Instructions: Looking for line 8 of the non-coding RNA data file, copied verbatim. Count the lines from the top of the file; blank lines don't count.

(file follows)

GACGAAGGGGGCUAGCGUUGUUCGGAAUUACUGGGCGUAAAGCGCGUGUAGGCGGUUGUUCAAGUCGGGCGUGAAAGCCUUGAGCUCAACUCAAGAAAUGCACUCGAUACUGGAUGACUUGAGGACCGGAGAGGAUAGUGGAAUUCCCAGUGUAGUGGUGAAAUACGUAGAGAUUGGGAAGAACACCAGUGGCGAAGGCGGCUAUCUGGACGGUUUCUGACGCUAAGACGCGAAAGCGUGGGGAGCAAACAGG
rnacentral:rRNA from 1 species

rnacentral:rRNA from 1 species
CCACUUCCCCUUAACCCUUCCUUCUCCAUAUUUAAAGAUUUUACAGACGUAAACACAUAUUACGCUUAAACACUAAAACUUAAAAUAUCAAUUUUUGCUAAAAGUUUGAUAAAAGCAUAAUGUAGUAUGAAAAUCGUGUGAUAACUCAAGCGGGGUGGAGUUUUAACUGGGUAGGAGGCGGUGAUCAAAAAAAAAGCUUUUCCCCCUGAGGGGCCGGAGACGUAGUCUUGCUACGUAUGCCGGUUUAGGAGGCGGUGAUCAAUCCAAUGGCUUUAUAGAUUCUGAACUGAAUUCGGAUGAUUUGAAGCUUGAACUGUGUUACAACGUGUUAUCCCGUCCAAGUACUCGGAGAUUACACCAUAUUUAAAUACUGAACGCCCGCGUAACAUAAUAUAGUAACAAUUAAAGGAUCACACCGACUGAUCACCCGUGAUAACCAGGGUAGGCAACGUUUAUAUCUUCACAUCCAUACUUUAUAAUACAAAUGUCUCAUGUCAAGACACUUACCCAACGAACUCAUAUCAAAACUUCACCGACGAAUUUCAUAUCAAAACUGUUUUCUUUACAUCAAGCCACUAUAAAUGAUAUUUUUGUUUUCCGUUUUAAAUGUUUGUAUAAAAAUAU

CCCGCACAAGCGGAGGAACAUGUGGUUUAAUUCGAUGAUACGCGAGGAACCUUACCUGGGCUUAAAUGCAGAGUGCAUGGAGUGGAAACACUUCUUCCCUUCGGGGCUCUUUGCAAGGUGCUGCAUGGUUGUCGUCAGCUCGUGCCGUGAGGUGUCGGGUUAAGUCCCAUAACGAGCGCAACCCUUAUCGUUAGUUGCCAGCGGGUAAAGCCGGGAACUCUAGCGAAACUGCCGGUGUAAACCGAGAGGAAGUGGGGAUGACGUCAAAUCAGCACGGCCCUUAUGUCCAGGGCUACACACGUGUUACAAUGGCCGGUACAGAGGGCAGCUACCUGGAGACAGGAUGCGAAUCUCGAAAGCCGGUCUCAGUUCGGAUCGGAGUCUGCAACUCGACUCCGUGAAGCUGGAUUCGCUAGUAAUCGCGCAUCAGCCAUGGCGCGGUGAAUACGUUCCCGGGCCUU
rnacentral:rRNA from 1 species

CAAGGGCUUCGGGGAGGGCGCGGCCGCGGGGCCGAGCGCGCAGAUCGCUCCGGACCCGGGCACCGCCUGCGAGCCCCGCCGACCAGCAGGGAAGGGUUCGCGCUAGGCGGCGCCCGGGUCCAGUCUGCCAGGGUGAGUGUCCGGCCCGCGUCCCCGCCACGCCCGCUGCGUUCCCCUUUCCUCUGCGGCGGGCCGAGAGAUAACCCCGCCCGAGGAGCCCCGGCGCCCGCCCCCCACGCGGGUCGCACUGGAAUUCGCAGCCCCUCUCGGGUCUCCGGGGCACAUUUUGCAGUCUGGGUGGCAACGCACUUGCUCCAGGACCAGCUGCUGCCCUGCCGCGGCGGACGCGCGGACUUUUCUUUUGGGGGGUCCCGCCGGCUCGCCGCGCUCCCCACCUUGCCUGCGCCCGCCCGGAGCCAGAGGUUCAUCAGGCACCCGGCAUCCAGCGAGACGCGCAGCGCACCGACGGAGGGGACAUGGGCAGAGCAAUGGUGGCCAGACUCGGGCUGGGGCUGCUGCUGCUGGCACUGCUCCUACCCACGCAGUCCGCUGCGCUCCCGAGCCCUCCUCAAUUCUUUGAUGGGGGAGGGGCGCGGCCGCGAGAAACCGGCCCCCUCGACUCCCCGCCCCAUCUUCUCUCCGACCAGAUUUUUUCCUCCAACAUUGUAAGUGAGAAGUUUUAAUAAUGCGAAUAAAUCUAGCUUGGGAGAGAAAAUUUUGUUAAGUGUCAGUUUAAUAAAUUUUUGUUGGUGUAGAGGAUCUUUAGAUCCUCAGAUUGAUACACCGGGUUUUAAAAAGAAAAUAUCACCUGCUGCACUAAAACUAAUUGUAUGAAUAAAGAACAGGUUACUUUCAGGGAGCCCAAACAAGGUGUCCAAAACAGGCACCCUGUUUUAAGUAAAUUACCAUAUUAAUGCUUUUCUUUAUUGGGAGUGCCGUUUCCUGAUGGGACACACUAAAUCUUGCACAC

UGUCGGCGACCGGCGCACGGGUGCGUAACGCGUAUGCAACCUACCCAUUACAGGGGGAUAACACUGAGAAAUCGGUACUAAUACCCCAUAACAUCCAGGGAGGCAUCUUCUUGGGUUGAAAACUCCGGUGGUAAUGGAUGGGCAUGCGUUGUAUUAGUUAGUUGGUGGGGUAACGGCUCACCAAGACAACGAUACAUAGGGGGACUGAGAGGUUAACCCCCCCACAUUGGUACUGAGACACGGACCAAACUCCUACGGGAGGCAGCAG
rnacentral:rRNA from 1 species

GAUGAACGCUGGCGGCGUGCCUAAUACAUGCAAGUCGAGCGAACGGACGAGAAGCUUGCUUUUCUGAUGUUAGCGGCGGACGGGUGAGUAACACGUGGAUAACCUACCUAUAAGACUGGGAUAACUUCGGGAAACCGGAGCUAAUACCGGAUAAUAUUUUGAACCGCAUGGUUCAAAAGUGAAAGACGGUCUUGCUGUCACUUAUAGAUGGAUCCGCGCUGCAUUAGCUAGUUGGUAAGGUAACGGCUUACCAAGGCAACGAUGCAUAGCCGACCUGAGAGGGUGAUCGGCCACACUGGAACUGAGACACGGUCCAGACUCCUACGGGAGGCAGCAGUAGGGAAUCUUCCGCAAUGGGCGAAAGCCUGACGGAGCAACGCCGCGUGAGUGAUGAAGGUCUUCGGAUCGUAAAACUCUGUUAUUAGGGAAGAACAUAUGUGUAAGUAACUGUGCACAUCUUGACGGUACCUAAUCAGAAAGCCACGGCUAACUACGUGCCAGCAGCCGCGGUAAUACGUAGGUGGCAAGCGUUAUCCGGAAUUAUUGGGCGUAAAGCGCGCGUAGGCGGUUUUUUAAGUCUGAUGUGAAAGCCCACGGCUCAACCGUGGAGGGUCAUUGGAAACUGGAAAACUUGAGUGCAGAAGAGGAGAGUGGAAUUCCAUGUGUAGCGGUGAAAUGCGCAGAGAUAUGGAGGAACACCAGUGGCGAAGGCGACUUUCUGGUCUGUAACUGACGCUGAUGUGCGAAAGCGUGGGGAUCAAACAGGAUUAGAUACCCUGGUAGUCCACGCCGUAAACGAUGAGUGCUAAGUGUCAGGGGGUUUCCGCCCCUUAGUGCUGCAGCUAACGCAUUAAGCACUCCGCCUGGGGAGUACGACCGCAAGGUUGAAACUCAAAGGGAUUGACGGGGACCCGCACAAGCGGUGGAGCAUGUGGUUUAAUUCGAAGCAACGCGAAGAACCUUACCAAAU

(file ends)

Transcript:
UGUCGGCGACCGGCGCACGGGUGCGUAACGCGUAUGCAACCUACCCAUUACAGGGGGAUAACACUGAGAAAUCGGUACUAAUACCCCAUAACAUCCAGGGAGGCAUCUUCUUGGGUUGAAAACUCCGGUGGUAAUGGAUGGGCAUGCGUUGUAUUAGUUAGUUGGUGGGGUAACGGCUCACCAAGACAACGAUACAUAGGGGGACUGAGAGGUUAACCCCCCCACAUUGGUACUGAGACACGGACCAAACUCCUACGGGAGGCAGCAG